by Phil Glosserman
1. The CEO prioritizes her time around strategic activities that affect the company's growth and direction. The worker bee spends most of her time buzzing around doing projects and managing the details of the business.
2. The CEO thinks big and out into the future. The worker bee thinks in terms of short-term deadlines and constraints.
3. The CEO is clear about his role, responsibilities, and duties - he knows when to delegate, farm out, or hire. The head worker bee doesn't; make the distinction between being a worker and a manager. His boundaries are fuzzy and this often gets him, and the business, into trouble.
4. The CEO takes charge of building the company's reputation, image and trustworthiness. He is externally focused and "outward facing". The worker bee is more internally focused - on the tasks, projects and problems at hand.
5. The CEO realizes he must invest in himself, his company and his people to make the business thrive. He readily invest time and money in coaching, education, training, etc. The worker bee typically sees himself as too busy or strapped for cash to invest in himself.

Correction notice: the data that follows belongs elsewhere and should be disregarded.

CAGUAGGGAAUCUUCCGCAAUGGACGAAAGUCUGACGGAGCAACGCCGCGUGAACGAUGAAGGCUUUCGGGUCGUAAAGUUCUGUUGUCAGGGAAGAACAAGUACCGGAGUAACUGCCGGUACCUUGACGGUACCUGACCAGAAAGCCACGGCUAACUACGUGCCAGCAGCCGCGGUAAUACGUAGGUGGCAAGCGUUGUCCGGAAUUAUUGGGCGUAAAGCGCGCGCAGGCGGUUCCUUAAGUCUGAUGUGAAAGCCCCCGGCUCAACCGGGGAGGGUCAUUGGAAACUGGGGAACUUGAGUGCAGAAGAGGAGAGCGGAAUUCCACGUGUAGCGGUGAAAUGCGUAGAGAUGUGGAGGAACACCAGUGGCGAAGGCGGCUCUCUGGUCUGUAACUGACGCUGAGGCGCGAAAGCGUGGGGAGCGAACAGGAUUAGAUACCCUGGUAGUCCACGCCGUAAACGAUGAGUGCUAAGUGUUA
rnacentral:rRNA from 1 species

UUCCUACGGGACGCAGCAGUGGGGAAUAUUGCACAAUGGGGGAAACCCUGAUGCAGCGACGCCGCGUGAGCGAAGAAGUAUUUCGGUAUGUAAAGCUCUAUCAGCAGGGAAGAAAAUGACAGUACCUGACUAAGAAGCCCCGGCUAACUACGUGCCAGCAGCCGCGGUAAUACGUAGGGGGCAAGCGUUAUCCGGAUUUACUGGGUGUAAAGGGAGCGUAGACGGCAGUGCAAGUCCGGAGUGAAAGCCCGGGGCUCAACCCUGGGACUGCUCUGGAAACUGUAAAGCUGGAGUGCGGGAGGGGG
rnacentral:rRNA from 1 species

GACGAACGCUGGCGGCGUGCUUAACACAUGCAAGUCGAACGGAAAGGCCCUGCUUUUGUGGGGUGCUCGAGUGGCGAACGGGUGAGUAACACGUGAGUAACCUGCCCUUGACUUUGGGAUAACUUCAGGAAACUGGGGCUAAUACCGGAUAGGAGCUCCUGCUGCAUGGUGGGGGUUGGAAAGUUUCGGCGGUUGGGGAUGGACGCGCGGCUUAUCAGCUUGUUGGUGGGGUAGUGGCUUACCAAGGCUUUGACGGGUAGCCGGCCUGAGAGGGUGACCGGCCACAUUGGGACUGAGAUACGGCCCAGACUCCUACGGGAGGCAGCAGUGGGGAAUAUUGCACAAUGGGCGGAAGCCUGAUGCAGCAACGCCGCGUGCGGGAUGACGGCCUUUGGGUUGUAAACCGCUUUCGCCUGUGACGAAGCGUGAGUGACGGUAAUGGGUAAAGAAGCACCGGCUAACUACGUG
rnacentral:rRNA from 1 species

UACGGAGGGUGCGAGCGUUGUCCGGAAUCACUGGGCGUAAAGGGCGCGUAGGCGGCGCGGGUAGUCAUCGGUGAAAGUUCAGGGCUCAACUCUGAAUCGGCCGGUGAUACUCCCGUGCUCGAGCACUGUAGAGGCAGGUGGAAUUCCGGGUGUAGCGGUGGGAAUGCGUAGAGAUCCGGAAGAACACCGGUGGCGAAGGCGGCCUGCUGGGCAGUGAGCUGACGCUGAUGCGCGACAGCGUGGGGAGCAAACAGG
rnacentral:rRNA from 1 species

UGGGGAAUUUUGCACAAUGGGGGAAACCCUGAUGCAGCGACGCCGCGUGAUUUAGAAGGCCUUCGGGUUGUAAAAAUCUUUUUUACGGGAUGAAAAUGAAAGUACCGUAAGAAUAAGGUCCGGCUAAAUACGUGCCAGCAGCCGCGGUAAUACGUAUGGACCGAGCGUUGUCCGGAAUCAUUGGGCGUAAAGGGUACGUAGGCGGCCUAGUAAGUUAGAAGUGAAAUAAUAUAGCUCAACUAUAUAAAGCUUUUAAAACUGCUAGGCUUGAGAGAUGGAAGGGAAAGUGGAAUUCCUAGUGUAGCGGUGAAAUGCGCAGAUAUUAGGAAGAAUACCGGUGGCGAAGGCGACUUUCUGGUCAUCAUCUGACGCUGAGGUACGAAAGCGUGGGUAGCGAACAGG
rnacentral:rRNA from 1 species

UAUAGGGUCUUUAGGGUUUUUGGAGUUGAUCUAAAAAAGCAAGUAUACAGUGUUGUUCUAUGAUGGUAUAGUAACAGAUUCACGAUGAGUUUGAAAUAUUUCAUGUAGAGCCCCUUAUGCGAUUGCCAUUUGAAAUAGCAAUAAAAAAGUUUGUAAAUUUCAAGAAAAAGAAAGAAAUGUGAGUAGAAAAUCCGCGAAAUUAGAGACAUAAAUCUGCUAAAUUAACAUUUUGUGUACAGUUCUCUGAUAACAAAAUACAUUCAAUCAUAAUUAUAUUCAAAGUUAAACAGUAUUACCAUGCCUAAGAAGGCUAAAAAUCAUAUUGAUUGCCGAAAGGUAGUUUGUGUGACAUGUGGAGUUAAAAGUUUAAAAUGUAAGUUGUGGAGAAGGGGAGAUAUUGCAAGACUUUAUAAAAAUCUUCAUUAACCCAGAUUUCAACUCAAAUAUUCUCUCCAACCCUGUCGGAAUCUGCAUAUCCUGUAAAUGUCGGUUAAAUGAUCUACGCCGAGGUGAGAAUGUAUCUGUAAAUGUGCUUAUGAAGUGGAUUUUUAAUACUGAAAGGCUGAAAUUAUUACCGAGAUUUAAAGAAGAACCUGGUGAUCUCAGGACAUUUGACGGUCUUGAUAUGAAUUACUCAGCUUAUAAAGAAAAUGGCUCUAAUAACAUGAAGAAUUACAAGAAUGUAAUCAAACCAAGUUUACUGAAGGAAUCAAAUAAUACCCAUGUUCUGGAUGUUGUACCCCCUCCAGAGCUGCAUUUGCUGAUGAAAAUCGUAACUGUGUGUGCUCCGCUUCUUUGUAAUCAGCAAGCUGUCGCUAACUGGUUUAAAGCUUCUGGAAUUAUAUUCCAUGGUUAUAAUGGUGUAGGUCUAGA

6. The CEO is bold, visionary, optimistic, and takes calculated risks. The worker bee worries about getting through the current workload and may be afraid to take risks because things "may not work out".
7. The CEO builds the capacity of the business ahead of the business growth. The worker bee is reactive - he builds business capacity in response to business growth. He usually adds people and other resources way late in the game and struggles to bring them up to speed while managing the work that has been piling up.
8. The CEO sees herself as a leader in and outside the company. She is aware of her responsibilities to inspire and motivate people and takes it seriously. Most worker bees don't see themselves as leaders.